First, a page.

Monday, May 29, 2017

The Meaning Of Memorial Day

Today is Memorial Day.  Often times, this day is treated simply as part of a fun, three day weekend where people gather, grill out, and have fun.  Goodness, I'm all for those things, but it is vital for us to pause and remember what this day really is about.

The Department of Veterans Affairs describes Memorial Day this way:

"Memorial Day is a day for remembering
and honoring military personnel who died
in the service of their country, particularly
those who died in battle or as a result of wounds
sustained in battle."
So on this day, we pause and remember those military men and women who died in (or because of) battle.  They made the ultimate sacrifice.  And they gave all they had to give.
I decided to do a little bit of research on how many Americans have died over the years while serving their country in battle.  What I learned really opened my eyes to how many people have perished over the years while on duty.  Just consider how many lives were lost in the following wars...
World War I - 53,402
World War II - 291,557
Korean War - 36,574
Vietnam War - 58,220
Persian Gulf War - 383
Iraq War - 4,412
War In Afghanistan - 2,351

Then I read some accounts of what it is like to lose someone you love in military service.  Alva James-Johnson wrote about Kim Benford Weaver, a nurse, who lost her husband, Staff Sgt. Jason A. Benford.  He died in 2005 while he was on his second deployment to Iraq.  "There's not a day that goes by that you don't think about him," said Kim.  She was just one of many, many people grieving the death of military personnel.

Many Americans today will decorate the graves of these heroes with flags and/or flowers.  It's a way to say "Thank you", and "I remember you."  And this will take place all over the country.

If you're like me, you haven't lost a relative or close friend in military service.  I personally have not travelled that road or felt that pain.  But I can tell the grief weighs heavily on the hearts of those who have endured that experience.

There's nothing wrong with having some fun today.  We all would probably benefit from that.  But in the midst of a day off, may we all pause and acknowledge the true meaning of Memorial Day.  It's about remembering those who have died while serving their country and defending freedom.

In closing, here is a prayer I've written for this day.  Feel free to join in and pray this too, if you'd like.  It's how I choose to remember what this day is really about:

"Almighty God, today is Memorial Day.
It's that special time where we remember
those who lost their lives in, or because of,
military conflict.  On this day, I lift up
in prayer to You those grieving families
who have lost a loved one in battle. 
I ask that You graciously and lovingly
pour out your comfort on those hurting families.
Please soothe their aching hearts and help them
through their season of grief.  On this Memorial
Day, I remember those who died, and their families. 
And I know that You do too.  Thank You for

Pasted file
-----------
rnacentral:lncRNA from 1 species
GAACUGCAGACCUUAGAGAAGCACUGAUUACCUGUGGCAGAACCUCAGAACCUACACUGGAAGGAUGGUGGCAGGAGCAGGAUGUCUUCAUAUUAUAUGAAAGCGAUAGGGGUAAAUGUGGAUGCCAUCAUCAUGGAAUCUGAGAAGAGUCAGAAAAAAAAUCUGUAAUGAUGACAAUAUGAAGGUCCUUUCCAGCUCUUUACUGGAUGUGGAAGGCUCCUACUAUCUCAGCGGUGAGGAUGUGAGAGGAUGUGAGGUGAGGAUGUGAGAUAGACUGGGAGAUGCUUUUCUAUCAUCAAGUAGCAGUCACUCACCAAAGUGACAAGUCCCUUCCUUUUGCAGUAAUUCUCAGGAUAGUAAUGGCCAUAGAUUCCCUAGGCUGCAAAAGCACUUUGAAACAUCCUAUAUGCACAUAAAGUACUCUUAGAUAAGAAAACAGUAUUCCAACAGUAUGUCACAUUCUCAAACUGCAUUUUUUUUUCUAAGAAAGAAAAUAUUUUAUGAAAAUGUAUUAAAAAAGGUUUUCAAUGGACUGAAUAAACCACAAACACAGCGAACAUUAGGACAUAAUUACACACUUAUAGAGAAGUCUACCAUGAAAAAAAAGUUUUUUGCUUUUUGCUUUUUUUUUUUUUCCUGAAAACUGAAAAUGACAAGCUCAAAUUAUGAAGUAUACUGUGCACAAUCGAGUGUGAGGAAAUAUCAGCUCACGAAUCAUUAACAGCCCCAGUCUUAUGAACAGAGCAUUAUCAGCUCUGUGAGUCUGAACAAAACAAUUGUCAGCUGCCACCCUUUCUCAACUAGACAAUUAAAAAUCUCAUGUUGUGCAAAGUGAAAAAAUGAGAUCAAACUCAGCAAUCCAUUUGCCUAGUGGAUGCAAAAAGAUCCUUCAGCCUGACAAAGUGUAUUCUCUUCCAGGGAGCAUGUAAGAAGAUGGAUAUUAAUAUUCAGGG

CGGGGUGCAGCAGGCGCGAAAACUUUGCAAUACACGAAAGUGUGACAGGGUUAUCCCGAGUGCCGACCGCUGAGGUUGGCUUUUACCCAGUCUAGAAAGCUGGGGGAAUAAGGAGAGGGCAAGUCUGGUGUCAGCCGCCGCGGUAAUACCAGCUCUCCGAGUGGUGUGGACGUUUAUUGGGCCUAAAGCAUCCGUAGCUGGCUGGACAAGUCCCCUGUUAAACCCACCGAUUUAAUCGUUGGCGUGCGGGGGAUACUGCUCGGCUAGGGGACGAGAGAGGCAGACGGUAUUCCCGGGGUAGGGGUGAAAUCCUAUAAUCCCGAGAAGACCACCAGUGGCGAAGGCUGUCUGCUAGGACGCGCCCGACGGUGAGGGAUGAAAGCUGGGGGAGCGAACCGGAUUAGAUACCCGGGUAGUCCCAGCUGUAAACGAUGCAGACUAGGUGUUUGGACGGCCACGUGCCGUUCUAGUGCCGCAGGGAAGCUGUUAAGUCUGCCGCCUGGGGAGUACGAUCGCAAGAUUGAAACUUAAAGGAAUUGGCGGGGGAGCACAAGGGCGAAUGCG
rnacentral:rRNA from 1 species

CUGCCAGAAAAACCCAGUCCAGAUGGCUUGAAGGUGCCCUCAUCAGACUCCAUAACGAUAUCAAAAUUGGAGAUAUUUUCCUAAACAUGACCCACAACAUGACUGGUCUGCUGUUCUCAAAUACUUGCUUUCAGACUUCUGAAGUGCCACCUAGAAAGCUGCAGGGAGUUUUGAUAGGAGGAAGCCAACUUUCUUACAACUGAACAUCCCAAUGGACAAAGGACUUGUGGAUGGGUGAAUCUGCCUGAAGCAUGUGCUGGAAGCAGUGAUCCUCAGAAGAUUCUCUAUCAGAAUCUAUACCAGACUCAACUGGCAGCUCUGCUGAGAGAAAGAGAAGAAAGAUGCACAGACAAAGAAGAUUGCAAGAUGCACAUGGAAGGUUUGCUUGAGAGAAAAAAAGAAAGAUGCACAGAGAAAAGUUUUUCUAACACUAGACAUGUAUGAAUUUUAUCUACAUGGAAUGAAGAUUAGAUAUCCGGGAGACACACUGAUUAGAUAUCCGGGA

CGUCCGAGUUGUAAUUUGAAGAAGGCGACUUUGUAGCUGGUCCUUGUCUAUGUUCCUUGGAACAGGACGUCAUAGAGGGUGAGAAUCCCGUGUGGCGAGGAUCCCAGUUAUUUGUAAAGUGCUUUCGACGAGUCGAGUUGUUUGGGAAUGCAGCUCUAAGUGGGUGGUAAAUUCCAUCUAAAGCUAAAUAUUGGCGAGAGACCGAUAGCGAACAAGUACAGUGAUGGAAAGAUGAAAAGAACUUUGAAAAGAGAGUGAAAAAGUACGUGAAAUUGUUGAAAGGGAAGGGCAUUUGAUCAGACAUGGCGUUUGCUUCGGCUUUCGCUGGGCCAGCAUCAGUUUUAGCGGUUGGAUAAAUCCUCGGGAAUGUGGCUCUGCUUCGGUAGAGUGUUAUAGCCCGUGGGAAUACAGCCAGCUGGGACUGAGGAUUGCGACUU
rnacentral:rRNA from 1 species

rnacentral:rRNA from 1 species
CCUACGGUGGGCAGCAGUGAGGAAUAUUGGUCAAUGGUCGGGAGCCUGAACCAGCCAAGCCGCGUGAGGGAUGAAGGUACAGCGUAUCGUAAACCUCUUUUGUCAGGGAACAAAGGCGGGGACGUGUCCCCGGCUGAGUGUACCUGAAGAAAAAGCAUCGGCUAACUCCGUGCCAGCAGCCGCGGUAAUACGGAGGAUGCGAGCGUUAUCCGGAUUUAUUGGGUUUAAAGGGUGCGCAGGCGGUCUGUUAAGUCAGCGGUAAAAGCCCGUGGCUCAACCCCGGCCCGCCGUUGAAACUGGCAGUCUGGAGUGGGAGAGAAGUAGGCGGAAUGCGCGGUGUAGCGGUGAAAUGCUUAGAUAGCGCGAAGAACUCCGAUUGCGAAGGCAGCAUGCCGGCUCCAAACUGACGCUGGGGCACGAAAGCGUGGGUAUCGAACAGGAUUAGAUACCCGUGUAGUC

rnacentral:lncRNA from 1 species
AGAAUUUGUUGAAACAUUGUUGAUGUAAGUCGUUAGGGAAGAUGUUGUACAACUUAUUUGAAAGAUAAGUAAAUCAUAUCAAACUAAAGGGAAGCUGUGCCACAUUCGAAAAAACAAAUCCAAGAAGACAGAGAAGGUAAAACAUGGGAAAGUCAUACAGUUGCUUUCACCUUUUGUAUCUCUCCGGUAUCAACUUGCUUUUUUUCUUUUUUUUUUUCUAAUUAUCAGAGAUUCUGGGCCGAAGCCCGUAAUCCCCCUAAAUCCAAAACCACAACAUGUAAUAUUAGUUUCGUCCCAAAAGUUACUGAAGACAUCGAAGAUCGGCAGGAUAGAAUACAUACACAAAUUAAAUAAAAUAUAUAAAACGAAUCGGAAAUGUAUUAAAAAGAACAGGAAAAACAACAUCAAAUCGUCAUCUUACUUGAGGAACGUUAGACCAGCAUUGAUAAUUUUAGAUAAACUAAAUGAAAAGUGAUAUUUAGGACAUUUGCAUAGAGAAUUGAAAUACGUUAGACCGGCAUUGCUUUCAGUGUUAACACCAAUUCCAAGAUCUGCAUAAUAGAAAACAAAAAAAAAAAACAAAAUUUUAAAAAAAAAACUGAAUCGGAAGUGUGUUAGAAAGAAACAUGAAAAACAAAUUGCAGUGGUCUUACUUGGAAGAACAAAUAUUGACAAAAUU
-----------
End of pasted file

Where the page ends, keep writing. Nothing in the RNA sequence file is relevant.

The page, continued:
being the God who cares about hurting people.  
I pray this in the name of Your Son, Jesus Christ.

Saturday, May 27, 2017

Happiness On The Diamond

My son is playing baseball for the first time this year.  It's all new to him, but he's having a blast.  And I've enjoyed watching him learn the game.

Recently, he got his first base hit.  His bat hit the ball towards the shortstop, and Emerson raced to first base.  He made it just in time, and was called "safe" by the umpire.  Needless to say, we all cheered and rejoiced.  My parents were there to see it, and they were mighty proud of their grandson too.

In the midst of our brief celebration, I noticed something.  A boy on the other team was playing at first base.  He knew that was my kid's first base hit, and he did something really classy.  He gave my son a high five.  It was a cool moment of great sportsmanship.

And it reminded me of something very important:  Be happy for other people when things go their way.

If we're not careful, we can fall into negativity when other people succeed.  We know this is the case when we begin to think things like...
"He doesn't deserve that promotion.  I work harder than he does."
"She doesn't deserve to marry a guy like that.  I know what kind of person she's been in her past."
"He doesn't deserve to be the starting pithcer.  I practice way more than he does."

A better way to respond to the victories of others is to be happy for them.  This requires humility and selflessness on our part.  And it protects us from being miserable and in life.

Of course, another key to this is realizing we have our own blessings to be thankful for.  God is good to each of us every day.  He extends to us grace for our souls, forgiveness for our sins, strength for our battles, wisdom for our decisions, peace for our hearts, and assurance for our future.  Keeping this in mind helps us to be more content with what we already have, and it makes it easier for us to be happy for those around us when good things happen in their lives.

Part of growing up spiritually is wanting the very best for other people.  This is what Paul was saying when he wrote the following words in Philippians 2:4 - "Don't look out only for your own interests, but take an interest in others too."  Did you catch that?  Life is about more than the person who stares back at us in the mirror.  It's also about the other guy or girl who also is trying to have a good life.

That first baseman for the other team showed tremendous sportsmanship towards my boy.  His happiness on the baseball diamond made life even better for Emerson.  And it showed he has a good heart.

May God help us all to be happy for others when good things happen in their lives.